Welcome back to our monthly review of some of the most interesting security research publications. This month, let's do a bit of crypto...
Rowhammer is an attack on DRAM, which consists in repeatedly accessing given rows of the DRAM to cause random bit flips in adjacent rows.
Until now, the attack hadn't been demonstrated on ARM's TrustZone: but that's what the author implemented. He demonstrated that, using Rowhammer, it is possible to leak a private RSA key stored in TrustZone's secure side.
His attack is implemented as follows:
This illustration is taken from P. Carru's presentation.
The slides show an interesting implementation of Rowhammer over TrustZone, and demonstrate that it can break an RSA key in practice. There are, however, conditions to this, which need to be highlighted: (a) the attack will only work over RSA implementations that are based on CRT (true, those are frequent, but nevertheless, not in every case), and (b) the attack only works correctly if the fault occurs on one of the pre-computed integers. If the attack occurs on two of the pre-computed integers, or elsewhere (e.g. modulus), it won't work.
This paper proposes RSA parameters and a prime generation algorithm so that an attack, even if implemented on a theoretical quantum computer, would be of .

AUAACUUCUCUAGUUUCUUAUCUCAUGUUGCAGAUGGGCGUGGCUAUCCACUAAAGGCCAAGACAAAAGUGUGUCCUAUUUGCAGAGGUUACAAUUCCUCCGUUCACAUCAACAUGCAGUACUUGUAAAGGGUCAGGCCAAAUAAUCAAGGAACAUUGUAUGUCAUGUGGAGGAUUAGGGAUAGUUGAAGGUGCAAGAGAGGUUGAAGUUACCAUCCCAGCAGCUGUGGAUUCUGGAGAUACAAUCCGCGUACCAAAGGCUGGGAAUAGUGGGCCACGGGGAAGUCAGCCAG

The settings consist in a 1-terabyte key, which is huge. However, the authors managed to demonstrate that generating such a key was feasible: they generated one on a (big) computer with terabytes of RAM and swap. They also managed to compute RSA encryption / decryption; however, with slightly smaller keys (256GB instead of 1T).
So what? This paper looks far ahead of our time. It does not focus on whether quantum computers are feasible or not, but simply assumes they will be. What’s interesting is that the authors debunk the claims which say quantum computers would kill RSA. And this is interesting.
There’s been a lot of speculation about quantum crypto (personally, I doubt it will ever work out - or not exactly the way we initially thought). The hype that quantum crypto will be capable of anything is, I believe, a misunderstanding of cryptography. Of course, it is true that the implementation described by the authors has a high cost (they do mention it themselves: $1 per encryption / decryption), but we're defending against something that does not even exist yet...
-- the Crypto Girl
"If you think research is expensive, try disease!" - Mary Lasker (1900-1994)